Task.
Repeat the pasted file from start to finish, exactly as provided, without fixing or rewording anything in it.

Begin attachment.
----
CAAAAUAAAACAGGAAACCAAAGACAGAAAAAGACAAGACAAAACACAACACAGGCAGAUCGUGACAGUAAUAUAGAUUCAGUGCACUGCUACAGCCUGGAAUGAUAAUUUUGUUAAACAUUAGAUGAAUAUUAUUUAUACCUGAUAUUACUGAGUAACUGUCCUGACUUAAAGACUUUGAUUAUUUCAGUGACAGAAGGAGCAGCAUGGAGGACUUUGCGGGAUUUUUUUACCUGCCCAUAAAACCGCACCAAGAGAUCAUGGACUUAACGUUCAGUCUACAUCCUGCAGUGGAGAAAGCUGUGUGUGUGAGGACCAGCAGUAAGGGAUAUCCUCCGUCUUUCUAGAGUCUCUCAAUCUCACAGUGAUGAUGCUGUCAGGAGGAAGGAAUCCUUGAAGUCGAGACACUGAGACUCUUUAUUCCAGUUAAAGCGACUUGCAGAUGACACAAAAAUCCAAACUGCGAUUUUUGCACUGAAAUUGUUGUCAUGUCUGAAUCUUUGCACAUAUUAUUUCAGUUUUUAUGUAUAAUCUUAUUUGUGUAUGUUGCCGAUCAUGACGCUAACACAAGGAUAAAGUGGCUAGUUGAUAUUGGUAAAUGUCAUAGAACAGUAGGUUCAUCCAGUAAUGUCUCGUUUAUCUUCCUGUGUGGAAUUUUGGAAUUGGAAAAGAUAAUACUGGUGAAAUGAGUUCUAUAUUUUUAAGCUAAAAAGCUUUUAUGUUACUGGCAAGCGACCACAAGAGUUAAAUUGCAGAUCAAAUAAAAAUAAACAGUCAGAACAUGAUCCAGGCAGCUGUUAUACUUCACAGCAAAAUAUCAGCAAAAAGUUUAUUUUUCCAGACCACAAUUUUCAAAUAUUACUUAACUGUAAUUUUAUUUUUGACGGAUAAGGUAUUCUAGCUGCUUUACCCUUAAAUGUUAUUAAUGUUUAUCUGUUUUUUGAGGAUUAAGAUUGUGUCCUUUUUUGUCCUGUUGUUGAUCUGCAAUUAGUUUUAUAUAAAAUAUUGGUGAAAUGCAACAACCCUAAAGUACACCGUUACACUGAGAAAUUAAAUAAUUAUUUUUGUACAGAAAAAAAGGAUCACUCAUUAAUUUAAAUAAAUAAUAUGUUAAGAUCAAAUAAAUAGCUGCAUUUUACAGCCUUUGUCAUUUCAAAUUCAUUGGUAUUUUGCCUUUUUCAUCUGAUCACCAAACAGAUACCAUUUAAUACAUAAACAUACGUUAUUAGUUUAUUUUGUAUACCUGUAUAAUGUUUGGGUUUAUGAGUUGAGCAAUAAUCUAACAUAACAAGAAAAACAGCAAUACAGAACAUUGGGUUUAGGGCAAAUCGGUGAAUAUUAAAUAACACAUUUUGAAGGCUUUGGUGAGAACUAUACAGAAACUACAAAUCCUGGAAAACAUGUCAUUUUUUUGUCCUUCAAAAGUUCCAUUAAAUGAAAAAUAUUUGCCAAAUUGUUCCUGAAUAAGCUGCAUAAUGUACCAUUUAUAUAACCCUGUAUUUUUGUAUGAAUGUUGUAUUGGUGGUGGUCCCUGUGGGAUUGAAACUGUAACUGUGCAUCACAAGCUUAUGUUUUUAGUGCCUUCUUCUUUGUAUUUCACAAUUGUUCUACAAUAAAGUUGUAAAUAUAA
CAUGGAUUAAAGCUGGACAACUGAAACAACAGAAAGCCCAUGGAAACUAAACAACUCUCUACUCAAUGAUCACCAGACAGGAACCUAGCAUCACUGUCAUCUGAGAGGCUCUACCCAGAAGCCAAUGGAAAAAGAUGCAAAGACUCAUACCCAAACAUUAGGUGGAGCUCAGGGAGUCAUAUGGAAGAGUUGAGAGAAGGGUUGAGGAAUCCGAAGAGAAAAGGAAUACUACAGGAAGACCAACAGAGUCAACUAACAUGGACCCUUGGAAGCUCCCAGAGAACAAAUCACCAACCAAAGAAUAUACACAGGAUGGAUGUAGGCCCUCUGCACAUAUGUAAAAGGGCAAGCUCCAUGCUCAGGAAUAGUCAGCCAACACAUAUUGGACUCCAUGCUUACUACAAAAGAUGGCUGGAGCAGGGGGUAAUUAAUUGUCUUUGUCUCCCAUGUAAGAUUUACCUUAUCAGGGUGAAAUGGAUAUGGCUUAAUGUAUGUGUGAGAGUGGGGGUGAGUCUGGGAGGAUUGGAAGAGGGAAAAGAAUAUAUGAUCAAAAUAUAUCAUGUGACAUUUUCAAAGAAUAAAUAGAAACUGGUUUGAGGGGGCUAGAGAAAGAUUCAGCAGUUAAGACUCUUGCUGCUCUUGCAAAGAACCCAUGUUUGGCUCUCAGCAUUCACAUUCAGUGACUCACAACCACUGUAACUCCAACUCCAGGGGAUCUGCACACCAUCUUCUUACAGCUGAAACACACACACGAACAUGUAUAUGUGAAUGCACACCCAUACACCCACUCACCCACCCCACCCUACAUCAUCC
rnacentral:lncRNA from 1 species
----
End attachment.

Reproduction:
CAAAAUAAAACAGGAAACCAAAGACAGAAAAAGACAAGACAAAACACAACACAGGCAGAUCGUGACAGUAAUAUAGAUUCAGUGCACUGCUACAGCCUGGAAUGAUAAUUUUGUUAAACAUUAGAUGAAUAUUAUUUAUACCUGAUAUUACUGAGUAACUGUCCUGACUUAAAGACUUUGAUUAUUUCAGUGACAGAAGGAGCAGCAUGGAGGACUUUGCGGGAUUUUUUUACCUGCCCAUAAAACCGCACCAAGAGAUCAUGGACUUAACGUUCAGUCUACAUCCUGCAGUGGAGAAAGCUGUGUGUGUGAGGACCAGCAGUAAGGGAUAUCCUCCGUCUUUCUAGAGUCUCUCAAUCUCACAGUGAUGAUGCUGUCAGGAGGAAGGAAUCCUUGAAGUCGAGACACUGAGACUCUUUAUUCCAGUUAAAGCGACUUGCAGAUGACACAAAAAUCCAAACUGCGAUUUUUGCACUGAAAUUGUUGUCAUGUCUGAAUCUUUGCACAUAUUAUUUCAGUUUUUAUGUAUAAUCUUAUUUGUGUAUGUUGCCGAUCAUGACGCUAACACAAGGAUAAAGUGGCUAGUUGAUAUUGGUAAAUGUCAUAGAACAGUAGGUUCAUCCAGUAAUGUCUCGUUUAUCUUCCUGUGUGGAAUUUUGGAAUUGGAAAAGAUAAUACUGGUGAAAUGAGUUCUAUAUUUUUAAGCUAAAAAGCUUUUAUGUUACUGGCAAGCGACCACAAGAGUUAAAUUGCAGAUCAAAUAAAAAUAAACAGUCAGAACAUGAUCCAGGCAGCUGUUAUACUUCACAGCAAAAUAUCAGCAAAAAGUUUAUUUUUCCAGACCACAAUUUUCAAAUAUUACUUAACUGUAAUUUUAUUUUUGACGGAUAAGGUAUUCUAGCUGCUUUACCCUUAAAUGUUAUUAAUGUUUAUCUGUUUUUUGAGGAUUAAGAUUGUGUCCUUUUUUGUCCUGUUGUUGAUCUGCAAUUAGUUUUAUAUAAAAUAUUGGUGAAAUGCAACAACCCUAAAGUACACCGUUACACUGAGAAAUUAAAUAAUUAUUUUUGUACAGAAAAAAAGGAUCACUCAUUAAUUUAAAUAAAUAAUAUGUUAAGAUCAAAUAAAUAGCUGCAUUUUACAGCCUUUGUCAUUUCAAAUUCAUUGGUAUUUUGCCUUUUUCAUCUGAUCACCAAACAGAUACCAUUUAAUACAUAAACAUACGUUAUUAGUUUAUUUUGUAUACCUGUAUAAUGUUUGGGUUUAUGAGUUGAGCAAUAAUCUAACAUAACAAGAAAAACAGCAAUACAGAACAUUGGGUUUAGGGCAAAUCGGUGAAUAUUAAAUAACACAUUUUGAAGGCUUUGGUGAGAACUAUACAGAAACUACAAAUCCUGGAAAACAUGUCAUUUUUUUGUCCUUCAAAAGUUCCAUUAAAUGAAAAAUAUUUGCCAAAUUGUUCCUGAAUAAGCUGCAUAAUGUACCAUUUAUAUAACCCUGUAUUUUUGUAUGAAUGUUGUAUUGGUGGUGGUCCCUGUGGGAUUGAAACUGUAACUGUGCAUCACAAGCUUAUGUUUUUAGUGCCUUCUUCUUUGUAUUUCACAAUUGUUCUACAAUAAAGUUGUAAAUAUAA
CAUGGAUUAAAGCUGGACAACUGAAACAACAGAAAGCCCAUGGAAACUAAACAACUCUCUACUCAAUGAUCACCAGACAGGAACCUAGCAUCACUGUCAUCUGAGAGGCUCUACCCAGAAGCCAAUGGAAAAAGAUGCAAAGACUCAUACCCAAACAUUAGGUGGAGCUCAGGGAGUCAUAUGGAAGAGUUGAGAGAAGGGUUGAGGAAUCCGAAGAGAAAAGGAAUACUACAGGAAGACCAACAGAGUCAACUAACAUGGACCCUUGGAAGCUCCCAGAGAACAAAUCACCAACCAAAGAAUAUACACAGGAUGGAUGUAGGCCCUCUGCACAUAUGUAAAAGGGCAAGCUCCAUGCUCAGGAAUAGUCAGCCAACACAUAUUGGACUCCAUGCUUACUACAAAAGAUGGCUGGAGCAGGGGGUAAUUAAUUGUCUUUGUCUCCCAUGUAAGAUUUACCUUAUCAGGGUGAAAUGGAUAUGGCUUAAUGUAUGUGUGAGAGUGGGGGUGAGUCUGGGAGGAUUGGAAGAGGGAAAAGAAUAUAUGAUCAAAAUAUAUCAUGUGACAUUUUCAAAGAAUAAAUAGAAACUGGUUUGAGGGGGCUAGAGAAAGAUUCAGCAGUUAAGACUCUUGCUGCUCUUGCAAAGAACCCAUGUUUGGCUCUCAGCAUUCACAUUCAGUGACUCACAACCACUGUAACUCCAACUCCAGGGGAUCUGCACACCAUCUUCUUACAGCUGAAACACACACACGAACAUGUAUAUGUGAAUGCACACCCAUACACCCACUCACCCACCCCACCCUACAUCAUCC
rnacentral:lncRNA from 1 species